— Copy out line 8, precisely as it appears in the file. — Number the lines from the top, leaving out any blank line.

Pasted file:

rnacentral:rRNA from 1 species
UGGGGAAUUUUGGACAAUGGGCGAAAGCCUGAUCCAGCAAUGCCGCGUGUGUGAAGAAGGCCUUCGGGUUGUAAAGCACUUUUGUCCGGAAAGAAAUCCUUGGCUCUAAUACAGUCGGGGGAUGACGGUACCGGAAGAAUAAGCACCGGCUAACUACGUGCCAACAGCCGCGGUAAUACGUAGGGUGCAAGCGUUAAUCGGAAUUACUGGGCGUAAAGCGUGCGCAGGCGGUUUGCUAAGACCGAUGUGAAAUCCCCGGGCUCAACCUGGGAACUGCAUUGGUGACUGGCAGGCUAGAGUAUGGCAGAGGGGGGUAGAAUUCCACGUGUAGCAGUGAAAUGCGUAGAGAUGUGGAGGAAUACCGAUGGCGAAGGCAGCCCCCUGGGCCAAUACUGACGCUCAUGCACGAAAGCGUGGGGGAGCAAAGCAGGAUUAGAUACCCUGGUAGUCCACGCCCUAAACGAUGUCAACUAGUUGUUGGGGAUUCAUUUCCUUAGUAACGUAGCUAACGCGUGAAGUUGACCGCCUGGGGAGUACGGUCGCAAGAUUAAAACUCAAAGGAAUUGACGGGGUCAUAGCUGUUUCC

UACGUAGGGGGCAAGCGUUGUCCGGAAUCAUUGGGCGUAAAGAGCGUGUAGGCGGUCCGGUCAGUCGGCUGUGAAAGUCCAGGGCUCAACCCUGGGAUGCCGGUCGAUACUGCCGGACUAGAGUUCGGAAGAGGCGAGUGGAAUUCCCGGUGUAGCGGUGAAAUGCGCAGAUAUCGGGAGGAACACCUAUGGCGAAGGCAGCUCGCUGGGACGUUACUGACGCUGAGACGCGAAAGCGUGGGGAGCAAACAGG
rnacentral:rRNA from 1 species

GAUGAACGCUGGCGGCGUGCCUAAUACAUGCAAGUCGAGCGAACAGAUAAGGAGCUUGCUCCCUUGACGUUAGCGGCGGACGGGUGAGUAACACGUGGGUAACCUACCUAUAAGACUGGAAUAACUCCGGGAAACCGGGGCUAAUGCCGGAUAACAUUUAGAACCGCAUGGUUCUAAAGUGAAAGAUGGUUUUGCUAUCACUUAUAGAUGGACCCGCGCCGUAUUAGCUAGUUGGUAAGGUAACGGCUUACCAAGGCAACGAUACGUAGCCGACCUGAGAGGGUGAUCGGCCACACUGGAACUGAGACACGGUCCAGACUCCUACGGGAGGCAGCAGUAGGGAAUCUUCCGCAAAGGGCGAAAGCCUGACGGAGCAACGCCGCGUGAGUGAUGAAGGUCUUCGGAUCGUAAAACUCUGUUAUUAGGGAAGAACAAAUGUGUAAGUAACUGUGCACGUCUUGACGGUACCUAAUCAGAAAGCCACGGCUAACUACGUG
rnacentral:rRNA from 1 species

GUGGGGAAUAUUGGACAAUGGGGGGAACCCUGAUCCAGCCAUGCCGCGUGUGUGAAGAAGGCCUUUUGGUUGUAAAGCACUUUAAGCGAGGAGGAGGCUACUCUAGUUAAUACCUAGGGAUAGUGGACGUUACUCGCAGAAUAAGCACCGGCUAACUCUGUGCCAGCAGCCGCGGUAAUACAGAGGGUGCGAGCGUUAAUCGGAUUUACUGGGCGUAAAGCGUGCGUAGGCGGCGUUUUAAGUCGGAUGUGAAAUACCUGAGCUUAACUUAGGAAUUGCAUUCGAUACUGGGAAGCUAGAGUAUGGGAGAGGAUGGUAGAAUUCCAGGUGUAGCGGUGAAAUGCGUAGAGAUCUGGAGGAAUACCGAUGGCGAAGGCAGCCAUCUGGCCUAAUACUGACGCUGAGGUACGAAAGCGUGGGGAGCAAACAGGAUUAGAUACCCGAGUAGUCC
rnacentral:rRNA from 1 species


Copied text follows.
rnacentral:rRNA from 1 species